Last year we did a research on what happens in the Russian market. <...> The Russian market of the sharing economy is estimated at 119 billion dollars. <...> 80% of surveyed noted that sharing various digital platforms is an opportunity to save money and use goods and services whenever they are needed. It is also protection of the environment and conscious approach to consumption, which is becoming more and more in demand among the younger generation in Russia, people from 25 to 40 — Dominic Fean, Vice President for Public Affairs, Hill+Knowlton Strategies.
When we speak about the sharing economy, many people think that it is C2C. And that is a large part of this economy. <...> The next frontier for this economy is B2B, in order to generate joint revenues or to create joint ownership for the shareholder in order to take advantage of the cost structure. We formed co-working, a joint creation of jobs which allows <...> people to work together at lower costs — Marc-Andre Kamel, Partner, Leader, Global Retail Practice, Bain & Company..
10 years ago, when we started this business, it seemed impossible that people would be riding together with BlaBlaCar. <...>But now in Russia many people travel this way: 15 million people, or 10% of the population. The service has very large market penetration. Technology is changing too — Nicolas Brusson, Chief Executive Officer, Co-founder, BlaBlaCar.
By using the sharing economy, we pursue several goals: to save city government funds; to increase efficiency of those investments; for the convenience of the residents — Artem Ermolaev, Minister of the Government of Moscow; Head, Department of Information Technologies, Government of Moscow.
“[The idea of the sharing economy] is supported by the federal and local governments. That is because of the challenges that we are facing, for example, protecting the environment from unnecessary use of cars. Sometimes we even get financial help, as, for example, from the administration of Paris — Nicolas Brusson, Chief Executive Officer, Co-founder, BlaBlaCar.
One of the main areas where we have been investing for more than 20 years is Internet technology. <...> That area is strategically important for us. It allows to create services that have a strong network effect. <...> Most services of that kind become the most interesting for both users and service providers. When they grow up and become independent, they do not need to spend a lot of money on marketing. <...> Yes, they require large initial investments, but then they deliver very good return. <...> In Russia, that is promising because of the large territory and relatively low cost of good engineers’ labour — Elena Ivashentseva, Senior Partner, Baring Vostok Capital Partners..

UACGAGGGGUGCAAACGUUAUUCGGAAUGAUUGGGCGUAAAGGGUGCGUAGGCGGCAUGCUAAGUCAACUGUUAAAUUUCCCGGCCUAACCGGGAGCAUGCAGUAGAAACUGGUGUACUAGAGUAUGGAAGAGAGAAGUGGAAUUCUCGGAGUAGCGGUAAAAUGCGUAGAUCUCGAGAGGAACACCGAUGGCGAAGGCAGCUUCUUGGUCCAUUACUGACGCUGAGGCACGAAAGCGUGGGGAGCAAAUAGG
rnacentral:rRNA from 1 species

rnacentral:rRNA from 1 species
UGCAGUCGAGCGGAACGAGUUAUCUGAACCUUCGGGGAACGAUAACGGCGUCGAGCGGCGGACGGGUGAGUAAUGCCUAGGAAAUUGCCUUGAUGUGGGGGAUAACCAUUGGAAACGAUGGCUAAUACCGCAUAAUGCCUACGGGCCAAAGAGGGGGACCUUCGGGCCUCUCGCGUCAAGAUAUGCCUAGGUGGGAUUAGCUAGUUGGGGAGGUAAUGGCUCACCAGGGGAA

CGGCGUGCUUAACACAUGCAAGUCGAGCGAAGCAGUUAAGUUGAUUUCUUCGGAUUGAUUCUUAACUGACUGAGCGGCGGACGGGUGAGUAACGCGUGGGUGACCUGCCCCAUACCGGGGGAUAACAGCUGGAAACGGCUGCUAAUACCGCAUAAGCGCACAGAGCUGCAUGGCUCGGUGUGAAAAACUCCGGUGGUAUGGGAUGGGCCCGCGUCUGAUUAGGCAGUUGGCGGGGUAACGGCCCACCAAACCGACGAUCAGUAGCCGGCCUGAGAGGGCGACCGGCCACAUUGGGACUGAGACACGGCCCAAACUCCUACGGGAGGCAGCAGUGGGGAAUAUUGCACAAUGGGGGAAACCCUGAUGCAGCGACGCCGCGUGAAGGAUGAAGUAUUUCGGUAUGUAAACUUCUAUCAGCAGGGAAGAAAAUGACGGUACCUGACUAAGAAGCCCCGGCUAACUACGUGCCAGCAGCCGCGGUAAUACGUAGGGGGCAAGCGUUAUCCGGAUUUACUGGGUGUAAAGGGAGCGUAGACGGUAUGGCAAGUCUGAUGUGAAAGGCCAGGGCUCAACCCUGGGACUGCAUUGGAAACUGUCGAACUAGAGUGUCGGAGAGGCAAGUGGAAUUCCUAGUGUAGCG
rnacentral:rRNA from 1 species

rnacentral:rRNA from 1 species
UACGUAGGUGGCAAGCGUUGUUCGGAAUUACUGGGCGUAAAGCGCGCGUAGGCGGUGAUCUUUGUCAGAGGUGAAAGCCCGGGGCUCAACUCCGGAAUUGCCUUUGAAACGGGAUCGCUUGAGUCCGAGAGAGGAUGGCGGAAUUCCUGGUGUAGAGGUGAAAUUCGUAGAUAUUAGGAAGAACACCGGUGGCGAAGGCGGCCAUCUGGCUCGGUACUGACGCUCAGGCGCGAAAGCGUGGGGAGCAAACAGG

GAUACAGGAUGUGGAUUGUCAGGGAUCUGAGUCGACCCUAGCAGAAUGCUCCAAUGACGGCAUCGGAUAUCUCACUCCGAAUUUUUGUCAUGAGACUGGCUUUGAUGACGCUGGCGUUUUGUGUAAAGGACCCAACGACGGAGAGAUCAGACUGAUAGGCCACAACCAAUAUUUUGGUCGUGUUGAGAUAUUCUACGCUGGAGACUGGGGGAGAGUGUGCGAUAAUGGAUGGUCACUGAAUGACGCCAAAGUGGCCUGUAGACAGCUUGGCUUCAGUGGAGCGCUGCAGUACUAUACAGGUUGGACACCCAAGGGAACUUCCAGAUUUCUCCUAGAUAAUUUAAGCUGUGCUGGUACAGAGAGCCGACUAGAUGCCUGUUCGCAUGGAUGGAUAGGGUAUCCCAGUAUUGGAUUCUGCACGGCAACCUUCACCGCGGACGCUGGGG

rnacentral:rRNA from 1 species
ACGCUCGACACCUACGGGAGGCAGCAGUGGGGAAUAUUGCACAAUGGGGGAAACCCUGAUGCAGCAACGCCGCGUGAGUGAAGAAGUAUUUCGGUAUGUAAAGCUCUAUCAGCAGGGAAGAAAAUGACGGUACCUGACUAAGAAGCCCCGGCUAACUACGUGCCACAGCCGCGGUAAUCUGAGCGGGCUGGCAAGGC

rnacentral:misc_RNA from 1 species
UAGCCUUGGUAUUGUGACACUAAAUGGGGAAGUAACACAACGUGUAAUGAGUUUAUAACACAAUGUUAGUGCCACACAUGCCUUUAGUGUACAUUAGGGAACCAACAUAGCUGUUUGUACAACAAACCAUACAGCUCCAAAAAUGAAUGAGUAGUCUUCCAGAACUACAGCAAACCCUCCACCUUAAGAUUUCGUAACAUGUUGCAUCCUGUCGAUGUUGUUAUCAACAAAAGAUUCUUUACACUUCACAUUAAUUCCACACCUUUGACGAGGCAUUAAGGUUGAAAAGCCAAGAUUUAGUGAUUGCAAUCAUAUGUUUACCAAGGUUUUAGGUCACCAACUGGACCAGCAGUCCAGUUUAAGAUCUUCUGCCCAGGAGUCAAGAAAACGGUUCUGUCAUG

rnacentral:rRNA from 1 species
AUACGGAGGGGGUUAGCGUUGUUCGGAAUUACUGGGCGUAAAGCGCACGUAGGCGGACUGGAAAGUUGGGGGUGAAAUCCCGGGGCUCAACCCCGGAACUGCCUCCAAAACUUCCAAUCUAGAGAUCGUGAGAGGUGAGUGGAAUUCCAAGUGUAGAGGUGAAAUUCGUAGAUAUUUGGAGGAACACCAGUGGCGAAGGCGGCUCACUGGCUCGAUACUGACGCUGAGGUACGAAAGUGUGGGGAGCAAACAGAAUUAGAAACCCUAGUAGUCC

Much like in many jurisdictions in the world, the sharing economy in Russia does not comply with the current legislation. Online platforms in Russia face the same challenges in terms of compliance with legislation as other Internet companies, <...> and they do not correspond to regulation of certain industries. The question of how to regulate such platforms becomes a challenge for sustainable development of this kind of economy — Dominic Fean, Vice President for Public Affairs, Hill+Knowlton Strategies.
Among users there is no tradition of strictly filing tax returns, paying taxes — Dominic Fean, Vice President for Public Affairs, Hill+Knowlton Strategies.
Participation in the communities of certain platforms, where users offer services that require a license, is a bottleneck. Rigid licensing requirements are the reason why many services that exist in foreign countries are not available in Russia. That is because there are no documents that not only specify how to regulate it, but also how to generally identify it — Dominic Fean, Vice President for Public Affairs, Hill+Knowlton Strategies.
The World Cup presents big challenges for cities, especially with regard to the use of infrastructure. A significant number of additional residential parking spaces is needed, and there are other problems that the city authorities, hoteliers and others are not able to handle — Andrey Verbitsky, Regional Managing Director for Russia, Central and Eastern Europe, Turkey and Israel, Airbnb.
“[The market] will grow in the next few years. <...> Appropriate regulatory norms will be adopted — Dominic Fean, Vice President for Public Affairs, Hill+Knowlton Strategies.
One fifth of the world's cities have programmes in the sharing economy. Certainly, Moscow is among them — Karen Kazaryan, Director, Institute for Internet Research.
There are several areas of focus. Firstly, that’s infrastructure interaction, when the city creates infrastructure that may later be used by a large market player, no matter if it’s fibre optics, wi-fi or something else, or if it’s physical infrastructure, like, for instance, parking spaces for car sharing. We have now started discussing the 2030 strategy, and we’re introducing the niches that we can use together with the businesses — Artem Ermolaev, Minister of the Government of Moscow; Head, Department of Information Technologies, Government of Moscow.
Modern transportation services are created so that additional costs for users could be eliminated, and so that taxi drivers could make money. <...> Today many people use taxis almost on a daily basis. We recently did a joint research with VCIOM: many people say that they are ready to sell their car and use public transport, including taxis. That’s where taxis are in the lead — Daniil Shuleyko, Managing Director, Yandex.Taxi.
Thanks to the principles of the sharing economy, we create services for fans who travel to the cities hosting the World Cup. It creates a unique opportunity to make money for host cities, and <...> local businesses have the opportunity to serve those customers. Thus, we take them out of the grey area — Andrey Verbitsky, Regional Managing Director for Russia, Central and Eastern Europe, Turkey and Israel, Airbnb.